By Maura J. Hoff
If you have been elected to a public office, congratulations on winning the trust of your constituents to handle the government’s business on their behalf. And condolences on now having every decision you make either cheered or criticized and over analyzed in the public eye. It is an honorable decision to serve your community. So what can you do to perform your job well and not end up with egg on your face in the local paper?
First, have a clear agenda and rules of procedure for your elected body to follow. Many councils, boards, and commissions in Indiana simply “default” to some version of parliamentary procedure, which may or may not be applied properly. Those who officially follow Robert’s Rules of Order may not have anyone trained in this procedure or even a copy of the most recent version of these Rules to follow. They may not realize that some of those Rules don’t work for their group, yet they fail to make their own special rules that do. Every elected or appointed body should start their term by reviewing any existing rules and then working with their legal counsel to amend or draft local rules of procedure that work for your community. This often includes a catch-all clause to have Robert’s Rules cover any procedures you have missed or intentionally disregarded in your local special rules. Having clear guidelines for your procedures keeps you from taking action in error that may later be overturned and cause serious issues for your community.
A major consideration in drafting these local rules is whether you want to allow the public to comment during your meetings. There is a major misconception that you must allow citizens to speak; under Robert’s Rules and Indiana law, public comment is not required during a public meeting. (Caveat: public comment IS required during a public “hearing” which is distinguished from a public meeting.) Indiana Open Door Law requires that you allow the public to attend and observe your meetings – nothing more. Ask yourself whether allowing public comment at your meeting aids you in getting your business done. Does the public have other methods of contacting you about issues of concern? Do you make yourself available to your constituents by providing a public email address and phone number? Do you post and share the issues you are considering on your public social media profiles? The public’s biggest complaint is “we didn’t know this was even happening!” Information is key and when timely provided, prevents over-reaction and inaccurate assumptions. Furthermore, if the public can reach you by email to share their opinion, the need to make a big show at a public meeting is reduced.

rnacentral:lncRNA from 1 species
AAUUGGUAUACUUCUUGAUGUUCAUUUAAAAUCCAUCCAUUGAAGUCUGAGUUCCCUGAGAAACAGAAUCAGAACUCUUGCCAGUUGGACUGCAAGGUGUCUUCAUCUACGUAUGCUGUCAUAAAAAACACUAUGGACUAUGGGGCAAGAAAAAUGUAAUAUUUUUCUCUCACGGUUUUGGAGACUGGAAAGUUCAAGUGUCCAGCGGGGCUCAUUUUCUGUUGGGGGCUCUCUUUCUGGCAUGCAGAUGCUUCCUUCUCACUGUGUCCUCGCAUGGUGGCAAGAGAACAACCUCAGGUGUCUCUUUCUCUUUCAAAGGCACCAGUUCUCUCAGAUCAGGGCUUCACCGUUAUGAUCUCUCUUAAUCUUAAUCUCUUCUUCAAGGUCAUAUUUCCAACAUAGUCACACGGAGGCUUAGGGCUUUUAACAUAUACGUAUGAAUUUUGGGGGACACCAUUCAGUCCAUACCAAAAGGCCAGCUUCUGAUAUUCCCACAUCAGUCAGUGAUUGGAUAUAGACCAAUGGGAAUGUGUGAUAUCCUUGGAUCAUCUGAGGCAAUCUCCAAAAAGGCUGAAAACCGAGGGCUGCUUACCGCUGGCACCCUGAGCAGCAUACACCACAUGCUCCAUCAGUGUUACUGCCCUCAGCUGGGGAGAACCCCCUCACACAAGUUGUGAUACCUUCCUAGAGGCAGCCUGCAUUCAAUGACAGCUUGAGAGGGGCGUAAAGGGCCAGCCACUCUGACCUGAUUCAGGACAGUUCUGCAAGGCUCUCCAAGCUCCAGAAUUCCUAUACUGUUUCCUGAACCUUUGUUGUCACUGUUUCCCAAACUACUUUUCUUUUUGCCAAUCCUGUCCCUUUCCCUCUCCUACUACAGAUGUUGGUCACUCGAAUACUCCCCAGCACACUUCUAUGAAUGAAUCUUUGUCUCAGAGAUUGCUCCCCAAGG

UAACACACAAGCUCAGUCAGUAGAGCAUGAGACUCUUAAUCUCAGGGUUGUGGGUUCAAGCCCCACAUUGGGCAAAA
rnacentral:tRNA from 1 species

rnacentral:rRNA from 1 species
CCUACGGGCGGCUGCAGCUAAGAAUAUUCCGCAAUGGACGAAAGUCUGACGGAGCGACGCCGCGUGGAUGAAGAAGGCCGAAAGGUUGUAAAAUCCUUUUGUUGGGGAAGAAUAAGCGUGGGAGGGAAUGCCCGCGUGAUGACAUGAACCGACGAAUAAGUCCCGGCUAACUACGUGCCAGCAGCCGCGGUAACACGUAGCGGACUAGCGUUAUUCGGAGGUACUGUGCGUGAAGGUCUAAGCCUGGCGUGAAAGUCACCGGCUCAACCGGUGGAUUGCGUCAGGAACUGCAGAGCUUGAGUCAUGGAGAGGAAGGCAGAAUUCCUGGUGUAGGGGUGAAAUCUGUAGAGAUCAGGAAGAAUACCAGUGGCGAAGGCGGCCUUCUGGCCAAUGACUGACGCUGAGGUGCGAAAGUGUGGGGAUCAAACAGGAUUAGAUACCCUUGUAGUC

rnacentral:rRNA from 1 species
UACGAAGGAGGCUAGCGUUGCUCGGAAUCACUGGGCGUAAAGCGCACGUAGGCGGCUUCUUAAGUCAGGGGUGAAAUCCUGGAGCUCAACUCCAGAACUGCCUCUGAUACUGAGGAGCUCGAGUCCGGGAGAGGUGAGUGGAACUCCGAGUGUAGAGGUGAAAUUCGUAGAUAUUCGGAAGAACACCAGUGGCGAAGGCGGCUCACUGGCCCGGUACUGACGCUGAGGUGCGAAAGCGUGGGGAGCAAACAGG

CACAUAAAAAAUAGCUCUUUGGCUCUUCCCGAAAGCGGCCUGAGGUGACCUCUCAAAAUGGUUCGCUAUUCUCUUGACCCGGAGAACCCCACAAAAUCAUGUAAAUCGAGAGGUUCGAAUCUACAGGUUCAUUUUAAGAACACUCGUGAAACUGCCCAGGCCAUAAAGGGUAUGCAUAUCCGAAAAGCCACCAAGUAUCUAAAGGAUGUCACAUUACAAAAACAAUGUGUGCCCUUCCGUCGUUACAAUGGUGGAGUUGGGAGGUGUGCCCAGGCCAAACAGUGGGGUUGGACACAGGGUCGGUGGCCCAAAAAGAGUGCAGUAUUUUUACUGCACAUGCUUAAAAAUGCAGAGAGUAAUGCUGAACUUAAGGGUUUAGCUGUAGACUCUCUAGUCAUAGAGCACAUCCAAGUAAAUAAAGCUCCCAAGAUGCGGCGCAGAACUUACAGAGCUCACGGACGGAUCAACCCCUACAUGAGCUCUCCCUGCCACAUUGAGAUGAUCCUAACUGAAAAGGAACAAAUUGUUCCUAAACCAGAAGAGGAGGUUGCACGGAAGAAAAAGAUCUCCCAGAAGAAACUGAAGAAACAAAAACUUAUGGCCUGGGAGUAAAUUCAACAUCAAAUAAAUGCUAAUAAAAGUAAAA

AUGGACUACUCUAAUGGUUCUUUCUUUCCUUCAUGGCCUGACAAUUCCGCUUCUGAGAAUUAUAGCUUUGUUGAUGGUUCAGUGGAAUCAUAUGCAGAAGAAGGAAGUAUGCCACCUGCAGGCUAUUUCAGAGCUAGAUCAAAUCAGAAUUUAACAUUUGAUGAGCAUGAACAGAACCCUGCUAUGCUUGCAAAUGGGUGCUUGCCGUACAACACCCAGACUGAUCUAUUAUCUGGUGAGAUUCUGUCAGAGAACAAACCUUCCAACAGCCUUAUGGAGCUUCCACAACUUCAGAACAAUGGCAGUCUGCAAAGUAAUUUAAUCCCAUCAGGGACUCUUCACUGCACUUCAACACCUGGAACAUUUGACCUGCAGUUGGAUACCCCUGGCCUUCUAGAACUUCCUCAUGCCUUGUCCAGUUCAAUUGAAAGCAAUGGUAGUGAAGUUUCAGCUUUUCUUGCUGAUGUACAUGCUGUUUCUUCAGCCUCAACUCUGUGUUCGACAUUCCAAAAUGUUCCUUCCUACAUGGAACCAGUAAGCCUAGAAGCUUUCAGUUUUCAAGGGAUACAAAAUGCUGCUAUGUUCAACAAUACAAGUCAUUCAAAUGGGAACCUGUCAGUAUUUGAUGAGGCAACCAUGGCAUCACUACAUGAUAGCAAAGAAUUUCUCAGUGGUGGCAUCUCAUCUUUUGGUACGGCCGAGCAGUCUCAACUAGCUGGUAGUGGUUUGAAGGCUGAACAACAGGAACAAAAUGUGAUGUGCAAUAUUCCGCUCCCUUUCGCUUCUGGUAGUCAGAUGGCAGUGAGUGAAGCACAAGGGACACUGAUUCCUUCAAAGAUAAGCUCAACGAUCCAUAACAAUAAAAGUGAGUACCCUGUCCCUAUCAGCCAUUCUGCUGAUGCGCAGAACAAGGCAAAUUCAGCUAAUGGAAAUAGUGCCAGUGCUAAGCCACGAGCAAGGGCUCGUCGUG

Many citizens also incorrectly assume that a public meeting is the time to ask questions of their elected officials or force them to make statements “on the record.” Keeping public comment off the agenda altogether stops this problem. If you feel you must allow it, consider putting it at the top of your agenda and limiting the comment period to 2 or 3 minutes per person. Simply allow comments to be made, say thank you, ask for the next speaker. Do not start the precedence of engaging in debate with your concerned citizens; you will never “win” and it creates a tense atmosphere. If you don’t believe me, do a search online for council meetings gone wrong and you’ll find many awkward, funny, and astonishing examples of ineffective meetings and wild “concerned citizens.” By the end of a meeting, everyone is tired, impatient, and has been building up for their chance to speak. Comments at the end of a meeting tend to be more negative, more controversial, less respectful. A tip I have seen applied very successfully, in addition to having public comment at the start of a meeting, is to add some kind of feel good agenda item immediately before public comment. This ranges from recognition of a completed Eagle Scout project in your town to a community service award to a veteran’s organization to inviting the local champion softball team to your meeting. In the shadow of these great things happening in your area, people are less likely to launch minor complaints in overly negative manners and sets the tone for positive thinking and responses.
You were elected because a majority of the community thought you would make good decisions on their behalf. Make the first of those good decisions be establishing a clear set of rules of procedure that will allow you to do the job you were elected to do in the most efficient and positive manner.